Even better, when it comes to breastfeeding related questions, ask a breastfeeding counsellor or lactation consultant.

Check out our article on full term breastfeeding and the sexualisation of breasts.

“Don’t let anyone tell you when you should stop breastfeeding… do it when you and baby are ready. I’m now feeding my second (4 weeks old) and fed my first for 14 months. Once I reached 12 months I was often asked, “Are you going to stop breast feeding soon?” It was really annoying and felt judgmental. I’ll be feeding my second as long as suits us.” — Sally Baldock

“Don’t stop breastfeeding when people start to say that your baby is getting ‘too old’ to breastfeed! This seems to happen when they are still so young, even one year old .” — Renee Brown

Breastfeeding Tips #10 – Learn To Breastfeed Lying Down

Of all the breastfeeding tips, this one is the most relaxing!

Breastfeeding lying down can mean being able to nourish and nurture your baby while relaxing and resting at the same time.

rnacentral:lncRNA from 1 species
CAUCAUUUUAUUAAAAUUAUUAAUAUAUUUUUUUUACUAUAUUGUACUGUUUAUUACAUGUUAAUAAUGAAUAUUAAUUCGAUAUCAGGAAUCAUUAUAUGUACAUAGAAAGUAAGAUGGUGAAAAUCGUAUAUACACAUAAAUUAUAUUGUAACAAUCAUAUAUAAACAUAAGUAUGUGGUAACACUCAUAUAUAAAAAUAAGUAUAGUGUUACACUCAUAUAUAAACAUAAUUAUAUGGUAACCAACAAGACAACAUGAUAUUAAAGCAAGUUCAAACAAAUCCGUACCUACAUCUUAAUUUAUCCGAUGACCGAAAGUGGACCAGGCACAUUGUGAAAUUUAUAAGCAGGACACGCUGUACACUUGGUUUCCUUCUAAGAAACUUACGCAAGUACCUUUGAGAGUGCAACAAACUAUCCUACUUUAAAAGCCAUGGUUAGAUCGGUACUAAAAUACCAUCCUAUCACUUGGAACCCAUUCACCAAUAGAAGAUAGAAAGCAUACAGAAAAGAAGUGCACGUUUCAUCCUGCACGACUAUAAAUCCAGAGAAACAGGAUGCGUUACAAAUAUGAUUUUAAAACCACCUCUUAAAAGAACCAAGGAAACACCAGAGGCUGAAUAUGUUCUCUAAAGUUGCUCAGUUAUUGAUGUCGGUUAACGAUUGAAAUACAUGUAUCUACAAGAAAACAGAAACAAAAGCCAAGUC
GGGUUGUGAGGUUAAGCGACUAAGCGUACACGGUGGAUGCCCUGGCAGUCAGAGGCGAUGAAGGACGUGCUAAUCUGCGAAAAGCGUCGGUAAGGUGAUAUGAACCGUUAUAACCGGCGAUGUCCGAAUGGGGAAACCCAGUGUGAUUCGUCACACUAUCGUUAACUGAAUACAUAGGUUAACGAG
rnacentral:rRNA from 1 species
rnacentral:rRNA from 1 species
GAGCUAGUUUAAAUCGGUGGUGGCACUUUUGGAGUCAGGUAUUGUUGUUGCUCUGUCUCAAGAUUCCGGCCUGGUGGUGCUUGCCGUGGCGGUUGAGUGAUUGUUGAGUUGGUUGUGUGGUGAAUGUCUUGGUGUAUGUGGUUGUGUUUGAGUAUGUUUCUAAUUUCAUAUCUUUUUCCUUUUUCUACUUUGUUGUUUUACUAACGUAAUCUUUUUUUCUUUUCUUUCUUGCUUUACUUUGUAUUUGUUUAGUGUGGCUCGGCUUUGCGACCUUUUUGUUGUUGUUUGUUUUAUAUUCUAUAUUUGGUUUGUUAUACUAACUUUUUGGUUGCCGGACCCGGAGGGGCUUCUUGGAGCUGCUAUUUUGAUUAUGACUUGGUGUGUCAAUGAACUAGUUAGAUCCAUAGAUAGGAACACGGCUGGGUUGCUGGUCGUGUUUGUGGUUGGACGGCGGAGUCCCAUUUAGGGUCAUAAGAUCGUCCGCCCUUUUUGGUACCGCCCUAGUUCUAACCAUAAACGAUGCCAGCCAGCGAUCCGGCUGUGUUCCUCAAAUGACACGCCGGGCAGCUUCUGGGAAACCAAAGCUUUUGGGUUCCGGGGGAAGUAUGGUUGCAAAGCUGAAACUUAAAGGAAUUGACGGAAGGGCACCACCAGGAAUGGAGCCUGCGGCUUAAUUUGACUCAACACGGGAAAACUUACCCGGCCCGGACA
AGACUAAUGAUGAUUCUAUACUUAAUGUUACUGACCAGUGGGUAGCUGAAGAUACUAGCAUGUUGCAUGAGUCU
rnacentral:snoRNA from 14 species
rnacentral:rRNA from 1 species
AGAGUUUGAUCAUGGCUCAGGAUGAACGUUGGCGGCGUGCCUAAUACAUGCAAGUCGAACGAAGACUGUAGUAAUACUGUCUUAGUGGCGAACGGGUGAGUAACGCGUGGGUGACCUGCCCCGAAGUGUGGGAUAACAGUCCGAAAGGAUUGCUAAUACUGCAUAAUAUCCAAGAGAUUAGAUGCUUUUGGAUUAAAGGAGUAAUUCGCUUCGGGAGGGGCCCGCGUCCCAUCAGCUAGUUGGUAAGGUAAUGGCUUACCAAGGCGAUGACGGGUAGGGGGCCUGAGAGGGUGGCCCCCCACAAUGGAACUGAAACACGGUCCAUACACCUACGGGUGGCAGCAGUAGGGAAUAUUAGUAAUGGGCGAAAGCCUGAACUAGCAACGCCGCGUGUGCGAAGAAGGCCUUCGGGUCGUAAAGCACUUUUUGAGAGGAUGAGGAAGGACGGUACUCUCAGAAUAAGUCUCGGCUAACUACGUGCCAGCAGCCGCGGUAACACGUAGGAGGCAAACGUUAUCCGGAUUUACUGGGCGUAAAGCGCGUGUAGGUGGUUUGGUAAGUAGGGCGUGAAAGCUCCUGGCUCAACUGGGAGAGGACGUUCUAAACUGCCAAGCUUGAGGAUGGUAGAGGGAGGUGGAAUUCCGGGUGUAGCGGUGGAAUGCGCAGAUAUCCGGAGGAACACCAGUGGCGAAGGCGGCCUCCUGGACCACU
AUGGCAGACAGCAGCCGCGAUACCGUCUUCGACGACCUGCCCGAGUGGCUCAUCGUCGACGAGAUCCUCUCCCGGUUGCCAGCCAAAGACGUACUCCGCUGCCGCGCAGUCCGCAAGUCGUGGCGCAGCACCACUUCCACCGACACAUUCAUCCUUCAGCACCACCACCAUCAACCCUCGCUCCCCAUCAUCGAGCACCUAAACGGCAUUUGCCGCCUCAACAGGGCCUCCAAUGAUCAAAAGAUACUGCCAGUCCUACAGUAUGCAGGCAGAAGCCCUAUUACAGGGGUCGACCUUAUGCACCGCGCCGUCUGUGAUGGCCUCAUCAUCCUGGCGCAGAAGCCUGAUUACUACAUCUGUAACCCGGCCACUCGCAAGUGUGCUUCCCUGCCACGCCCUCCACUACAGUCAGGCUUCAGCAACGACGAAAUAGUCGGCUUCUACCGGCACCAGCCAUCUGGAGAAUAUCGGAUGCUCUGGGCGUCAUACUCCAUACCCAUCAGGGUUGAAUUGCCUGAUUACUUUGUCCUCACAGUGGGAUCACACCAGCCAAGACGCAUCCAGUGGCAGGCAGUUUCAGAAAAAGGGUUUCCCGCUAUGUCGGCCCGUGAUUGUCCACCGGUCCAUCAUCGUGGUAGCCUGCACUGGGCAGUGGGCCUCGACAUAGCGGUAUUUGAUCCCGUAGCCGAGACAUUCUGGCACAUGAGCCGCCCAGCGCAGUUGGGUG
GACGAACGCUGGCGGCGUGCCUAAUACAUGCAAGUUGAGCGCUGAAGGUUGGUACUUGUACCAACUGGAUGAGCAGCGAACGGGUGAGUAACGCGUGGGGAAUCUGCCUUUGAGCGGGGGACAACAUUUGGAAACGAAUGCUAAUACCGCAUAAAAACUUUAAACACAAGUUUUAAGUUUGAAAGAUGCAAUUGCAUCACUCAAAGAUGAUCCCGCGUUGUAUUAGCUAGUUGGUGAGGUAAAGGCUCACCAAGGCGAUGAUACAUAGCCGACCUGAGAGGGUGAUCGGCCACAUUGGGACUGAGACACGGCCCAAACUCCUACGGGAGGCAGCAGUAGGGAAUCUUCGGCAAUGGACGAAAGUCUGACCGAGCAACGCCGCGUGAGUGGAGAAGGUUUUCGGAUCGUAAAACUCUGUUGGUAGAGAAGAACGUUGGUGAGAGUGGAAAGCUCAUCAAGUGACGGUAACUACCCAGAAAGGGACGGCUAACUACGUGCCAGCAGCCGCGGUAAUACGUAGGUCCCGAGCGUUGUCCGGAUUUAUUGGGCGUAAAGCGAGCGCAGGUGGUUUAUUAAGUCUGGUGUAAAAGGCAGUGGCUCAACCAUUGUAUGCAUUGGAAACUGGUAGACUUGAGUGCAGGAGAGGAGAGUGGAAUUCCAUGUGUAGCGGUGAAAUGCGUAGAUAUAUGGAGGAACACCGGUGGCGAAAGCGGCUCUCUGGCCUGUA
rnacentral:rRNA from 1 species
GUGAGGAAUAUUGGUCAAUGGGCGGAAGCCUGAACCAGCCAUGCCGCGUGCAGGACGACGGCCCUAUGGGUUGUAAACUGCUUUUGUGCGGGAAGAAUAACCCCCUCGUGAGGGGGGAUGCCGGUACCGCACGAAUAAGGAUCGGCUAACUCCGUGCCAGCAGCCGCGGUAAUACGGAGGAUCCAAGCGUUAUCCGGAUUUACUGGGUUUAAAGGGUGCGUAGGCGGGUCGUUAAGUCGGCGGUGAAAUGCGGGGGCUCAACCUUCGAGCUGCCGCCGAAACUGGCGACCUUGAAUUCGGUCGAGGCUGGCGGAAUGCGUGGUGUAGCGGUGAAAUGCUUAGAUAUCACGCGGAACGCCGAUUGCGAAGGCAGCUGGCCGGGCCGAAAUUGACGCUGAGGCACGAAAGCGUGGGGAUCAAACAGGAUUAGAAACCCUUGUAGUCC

Make sure you read our article about how to breastfeed lying down and the benefits of doing so.

“Learn to do it lying down. Great for resting, bonding and your supply.” — Tanya Minotti

“Lying down and breastfeeding is so much easier at night time.” — Lizzie

More Breastfeeding Tips From BellyBelly Fans

Here are some more great breastfeeding tips from fans on our Facebook page.

“Don’t buy formula! Seriously, if I’d have had it in the cupboard during the hardest times, I definitely would have used it and it can be a slippery slope…” — Jocasta Wetherall

“Persist for six weeks. I hated breastfeeding because it hurt, and my daughter wanted to feed all the time, cluster feeding for the first couple of weeks. I wanted to give up, but told myself to get to six weeks and reassess. It got easier! She’s now four months, breastfeeding well, and I’m enjoying it too.” — Samantha Power

“I joined the Australian Breastfeeding Association and did a breastfeeding class designed for expectant mothers. I think all women should do a class whilst pregnant. It was great!” — Belinda Foord

“Patience and trust yourself. I had cracked nipples for the first 10 weeks of breastfeeding, so bad I used to cry putting my babe on to feed. A lactation consultant helped with attachment and positioning and it slowly got better. Now he’s 10 months and I’m still breastfeeding!” — Anonymous

The Importance Of Who You Spend Time With